Customer Tips: A Great Grady Adventure: Cruising America's Great Loop By Chris Branch and Russ Otterbine
"America's Great Loop" is accomplished by "Loopers" who cruise or sail the continuous waterways of the eastern portion of North America along the Atlantic Seaboard, through the inland rivers, across the Great Lakes, via more rivers and then around the Gulf of Mexico. This trip was one we had wanted to do for some time, and in fact had begun a portion of in our former boat, End of the Line, before Hurricanes Charlie, Frances, Ivan and Jeanne interfered with our plans.
After seeing the Express 330 at a Fort Lauderdale boat show, and meeting Grady-White factory sales representative Eddie Rowe, we were connected with Quality Boats in Clearwater, FL. "This is the boat we want to do the 'Loop' in," we told Quality's Dan and Dave Bair. The shallow draft would get us through all passageways, we could trailer the boat, the cabin berth layout was great for sleeping, and the storage capability meant we'd never run out of room and we weren't cramped. We loved the twin Yamaha outboards for efficiency and ease of use!
The show model was available and was commercially trailered to Washington, NC. We previously had cruised from Tarpon Springs, FL, to the Albemarle Sound, so decided to pick up our Loop journey from Washington. Being just 30 miles from the Grady-White factory in Greenville, we enjoyed a tour of the factory while we were in the neighborhood.
We left Washington aboard End of the Line 2 on April 23, 2007, and followed the Intracoastal Waterway to Norfolk and then cruised up the Chesapeake Bay, visiting St. Michaels and Annapolis, MD, along the way. After Cape May, NJ, we went via the Atlantic Ocean until entering New York Harbor. After a couple of days visiting our granddaughter in New York City, we continued up the Hudson to the Erie Canal. Due to high water in the Erie, not all of the locks were open, so we left the boat in Brewerton, NY, for two months and followed other travel plans before resuming the Loop.
We picked up "the trail" again July 9 and left the Erie Canal, then entered the Oswego Canal and crossed Lake Ontario to Trenton, Ontario, and began the 240-mile trip through the Trent-Severn Waterway. Every stop along this stretch was fascinating. Most towns, such as Peterborough, had concerts in the park and fireworks on Wednesdays and Saturdays all summer. We could enjoy these right from the marina!
Peterborough is one of the two hydraulic lift locks along this waterway, most others being hand operated. The two locks are unique to North America and among the highest in the world, and were commemorating 100 years in service.
This waterway exits into Georgian Bay, that connects to the North Channel. After 300 miles cruising these two bodies of water, American Customs was cleared on Drummond Island, MI. Drummond Island was still six hours from our summer home on Lake Charlevoix. We crossed Lake Huron, the Straits of Mackinaw and Lake Michigan before entering Lake Charlevoix and our slip in Boyne City, MI. Just fifty miles from home, in crotchety Lake Michigan, the waves quartered at 6 to 9 feet. This was quite a ride, but our 330 handled like a champ. Actually, this turned out to be the only rough water of the entire trip.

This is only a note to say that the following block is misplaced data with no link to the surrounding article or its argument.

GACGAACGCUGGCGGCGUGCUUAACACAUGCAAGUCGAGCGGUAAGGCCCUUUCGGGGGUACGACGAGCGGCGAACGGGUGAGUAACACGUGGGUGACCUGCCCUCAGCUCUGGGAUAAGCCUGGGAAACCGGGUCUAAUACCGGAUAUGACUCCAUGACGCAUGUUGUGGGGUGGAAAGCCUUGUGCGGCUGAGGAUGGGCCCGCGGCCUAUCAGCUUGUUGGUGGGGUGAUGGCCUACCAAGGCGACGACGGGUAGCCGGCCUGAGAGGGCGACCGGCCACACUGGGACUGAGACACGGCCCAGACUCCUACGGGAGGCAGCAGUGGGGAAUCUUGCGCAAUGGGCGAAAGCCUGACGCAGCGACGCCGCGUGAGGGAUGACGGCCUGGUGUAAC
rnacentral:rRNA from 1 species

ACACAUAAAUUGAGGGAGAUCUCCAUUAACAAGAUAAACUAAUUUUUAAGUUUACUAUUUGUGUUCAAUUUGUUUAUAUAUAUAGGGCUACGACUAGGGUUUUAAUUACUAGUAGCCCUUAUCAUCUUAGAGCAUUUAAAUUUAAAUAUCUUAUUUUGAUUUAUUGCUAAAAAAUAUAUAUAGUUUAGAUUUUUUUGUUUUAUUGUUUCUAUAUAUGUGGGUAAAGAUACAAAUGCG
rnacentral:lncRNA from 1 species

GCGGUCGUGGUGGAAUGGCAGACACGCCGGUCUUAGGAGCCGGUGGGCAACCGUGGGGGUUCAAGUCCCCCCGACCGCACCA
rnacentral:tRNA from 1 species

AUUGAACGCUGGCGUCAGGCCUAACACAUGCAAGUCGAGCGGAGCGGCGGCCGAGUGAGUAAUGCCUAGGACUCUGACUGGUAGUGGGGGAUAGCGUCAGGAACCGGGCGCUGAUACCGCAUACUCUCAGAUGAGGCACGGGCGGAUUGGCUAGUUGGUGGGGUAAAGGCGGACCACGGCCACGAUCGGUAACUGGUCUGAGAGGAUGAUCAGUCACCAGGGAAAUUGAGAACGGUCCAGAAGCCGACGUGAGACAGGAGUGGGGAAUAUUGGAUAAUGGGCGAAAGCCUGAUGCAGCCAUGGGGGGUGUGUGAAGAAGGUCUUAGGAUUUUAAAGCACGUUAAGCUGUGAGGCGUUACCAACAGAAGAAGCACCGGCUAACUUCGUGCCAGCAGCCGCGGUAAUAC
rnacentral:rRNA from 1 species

In September, we reboarded End of the Line 2 and set out for Chicago, our first stop on the trip back to Florida. Navigating through downtown Chicago was a remarkable experience. Skyscrapers rose like canyon walls on either side as we slipped by the Wrigley Building, the University of Chicago and the Sun-Times building. From downtown we went through the "south side" of Chicago; the Chicago Sanitary Canal was our busiest stretch of anywhere.
We then followed the Illinois River to the Mississippi. After 260 miles on the Mississippi, which we feel Mark Twain really "over romanticized," we turned left onto the Ohio River until just above Paducah, KY, and entered the Cumberland. The Cumberland flows from Lake Barclay, which is connected to Kentucky Lake. It is hard to believe that once there were homes and thriving towns here before the area was flooded by the Tennessee Valley Authority to build Kentucky Dam. We could see railroad bridges to nowhere and ghost towns still above the waterline.
After crossing into Kentucky Lake and then the Tennessee River, we continued south through the Tenn-Tom Waterway and then finally into the Tombigbee River. When we cleared Coffeeville Lock, 116 miles north of Mobile, we had transited exactly 100 locks.
The further south we cruised we saw more forests and wood related businesses at work. It surprised us to find out that Mobile, AL, was the leading exporter of forest products in the country. Leaving Mobile and entering the Intracoastal again, we enjoyed some of the loveliest scenery of the trip. The natural beauty of Northern Florida rivals anything we saw along the way. After crossing a calm Gulf of Mexico from Apalachicola to Dunedin, FL, we arrived home October 10. We traveled 4,303 miles in the seven weeks actually spent on the water making the trip. Our Grady-White had more than enough room for all the supplies and clothes we needed...and we are still speaking!
We love End of the Line 2 just as much now as when we first saw her. She's a great boat and never let us down!